Sunscreen – Long Term Safety?

Skin Conditions | January 29, 2018 | Author: Naturopath

Skin conditions

Sunscreen – Long Term Safety?

Sunscreen has been a cornerstone of sun safety since it became the the “slop” in Slip Slop Slap. But is it safe to use long-term? We explore chemical ingredients, the truth about natural sunscreens, and long-term risks of blocking UV rays.

Sunscreen is a unique skin care product in that it's applied liberally all over the body and repeatedly reapplied. Its ingredients come in contact with not just the skin but also the internal environment – any applied to the lips may be “eaten”, inhaled particles interact with the lungs and respiratory tracts, and some chemicals may move into circulation due to “penetration enhancers” found in many sunscreen formulations. A recent survey found that 17% of adult Australians are worried about those chemicals impacting their health.

Here's a quick 101 of the nasties commonly found in commercial sunscreen formulations:

Proven Harmful Ingredients in Sunscreens

Oxybenzone – Used to absorb UV rays. Oxybenzone is highly penetratable through the skin and has been found in breast milk. It acts as a oestrogen in the body, throwing hormone levels out of whack in both men and women, and has been associated with endometritis. It is also highly hazardous to aquatic life with long-lasting effects, and many environmental agencies recommend use of “eco friendly” sunscreens that do not contain oxybenzone before swimming in natural water [1].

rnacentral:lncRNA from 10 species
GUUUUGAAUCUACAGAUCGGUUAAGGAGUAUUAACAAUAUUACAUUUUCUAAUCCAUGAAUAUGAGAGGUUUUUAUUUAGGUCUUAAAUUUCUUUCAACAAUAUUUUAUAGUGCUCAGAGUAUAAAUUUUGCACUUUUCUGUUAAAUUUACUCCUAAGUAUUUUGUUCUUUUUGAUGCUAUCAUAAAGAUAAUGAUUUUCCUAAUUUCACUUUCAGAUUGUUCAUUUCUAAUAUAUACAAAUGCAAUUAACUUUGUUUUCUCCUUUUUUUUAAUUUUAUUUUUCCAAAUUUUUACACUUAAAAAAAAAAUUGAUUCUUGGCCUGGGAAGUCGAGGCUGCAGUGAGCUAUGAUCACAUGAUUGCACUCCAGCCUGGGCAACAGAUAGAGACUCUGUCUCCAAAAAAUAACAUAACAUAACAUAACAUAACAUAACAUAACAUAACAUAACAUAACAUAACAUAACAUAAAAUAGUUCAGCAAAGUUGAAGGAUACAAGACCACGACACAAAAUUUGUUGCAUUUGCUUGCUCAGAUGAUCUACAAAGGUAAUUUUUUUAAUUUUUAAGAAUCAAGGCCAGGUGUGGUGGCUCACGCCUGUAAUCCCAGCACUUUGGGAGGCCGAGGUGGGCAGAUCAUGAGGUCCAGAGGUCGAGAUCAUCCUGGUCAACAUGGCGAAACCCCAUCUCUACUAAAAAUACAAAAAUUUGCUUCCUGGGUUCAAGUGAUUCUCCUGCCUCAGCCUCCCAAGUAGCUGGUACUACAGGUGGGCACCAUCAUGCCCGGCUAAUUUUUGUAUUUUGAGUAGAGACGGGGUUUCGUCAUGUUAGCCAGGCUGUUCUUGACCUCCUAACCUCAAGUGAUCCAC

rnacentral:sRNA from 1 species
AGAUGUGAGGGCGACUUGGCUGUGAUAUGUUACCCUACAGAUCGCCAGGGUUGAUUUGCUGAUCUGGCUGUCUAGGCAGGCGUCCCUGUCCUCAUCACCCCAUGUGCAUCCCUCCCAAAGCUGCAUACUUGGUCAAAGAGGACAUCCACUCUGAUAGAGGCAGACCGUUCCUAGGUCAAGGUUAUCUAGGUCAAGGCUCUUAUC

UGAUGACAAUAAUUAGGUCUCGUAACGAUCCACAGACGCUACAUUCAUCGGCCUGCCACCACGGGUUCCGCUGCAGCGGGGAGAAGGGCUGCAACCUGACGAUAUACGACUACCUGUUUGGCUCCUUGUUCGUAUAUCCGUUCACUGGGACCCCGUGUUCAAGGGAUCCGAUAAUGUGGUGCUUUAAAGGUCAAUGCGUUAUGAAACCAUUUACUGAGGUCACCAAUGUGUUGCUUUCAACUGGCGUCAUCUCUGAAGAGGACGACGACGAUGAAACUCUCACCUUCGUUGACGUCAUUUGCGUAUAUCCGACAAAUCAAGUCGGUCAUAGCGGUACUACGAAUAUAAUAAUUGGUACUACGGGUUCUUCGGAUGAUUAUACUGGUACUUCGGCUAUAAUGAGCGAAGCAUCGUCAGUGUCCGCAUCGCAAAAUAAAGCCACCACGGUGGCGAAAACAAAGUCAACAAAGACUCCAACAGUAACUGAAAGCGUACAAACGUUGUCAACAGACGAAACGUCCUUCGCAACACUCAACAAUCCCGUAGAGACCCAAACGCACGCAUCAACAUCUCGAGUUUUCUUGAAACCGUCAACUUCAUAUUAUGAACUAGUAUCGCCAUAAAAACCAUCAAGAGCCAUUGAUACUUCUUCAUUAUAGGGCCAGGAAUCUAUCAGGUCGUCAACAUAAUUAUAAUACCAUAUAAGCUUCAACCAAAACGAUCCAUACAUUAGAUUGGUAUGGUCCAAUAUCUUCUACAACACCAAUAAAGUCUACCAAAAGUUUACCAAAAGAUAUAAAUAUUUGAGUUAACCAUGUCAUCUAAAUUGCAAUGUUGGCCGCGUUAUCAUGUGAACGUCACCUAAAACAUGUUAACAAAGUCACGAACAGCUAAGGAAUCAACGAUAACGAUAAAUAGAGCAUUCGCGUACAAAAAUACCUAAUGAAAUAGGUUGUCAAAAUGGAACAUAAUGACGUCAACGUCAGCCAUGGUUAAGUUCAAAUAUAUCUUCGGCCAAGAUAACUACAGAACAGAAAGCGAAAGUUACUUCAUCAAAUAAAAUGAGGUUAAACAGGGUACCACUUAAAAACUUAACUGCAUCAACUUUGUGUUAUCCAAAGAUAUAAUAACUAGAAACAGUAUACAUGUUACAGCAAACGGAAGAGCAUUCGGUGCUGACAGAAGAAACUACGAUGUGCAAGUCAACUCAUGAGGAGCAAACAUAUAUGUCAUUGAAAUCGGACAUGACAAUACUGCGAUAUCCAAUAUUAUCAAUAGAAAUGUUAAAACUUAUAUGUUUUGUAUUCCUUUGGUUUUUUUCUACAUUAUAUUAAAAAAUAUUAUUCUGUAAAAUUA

Octinoxate or Octylmethoxycinnamate – Another UV absorbing agent. Studies have shown that octinoxate also penetrates through the skin and acts as a hormone disruptor. It has been been linked to thyroid and reproductive issues in animal studies [2]. Environmentally, it may lead to coral bleaching.

Proven Harmful Ingredients in SunscreensMethylisothiazolinone – A preservative and common allergen that may trigger contact dermatitis, particularly in children [2].

Dioxybenzone – Used to make sunscreen “waterproof”. Dioxybenzone frequently causes skin irritation, allergic reactions, respiratory irritation. Swimming in chlorinated pools can break down the dioxybenzone, reducing UV filtering and increasing its toxic actions [3][9]. Like oxybenzone, it is toxic to aquatic life.

Parabens – Used as preservatives in many cosmetic products, parabens may be linked to oestrogen-associated cancers. They have been found in breast cancer tumours and are suspected to accelerate the growth of cancer cells [4].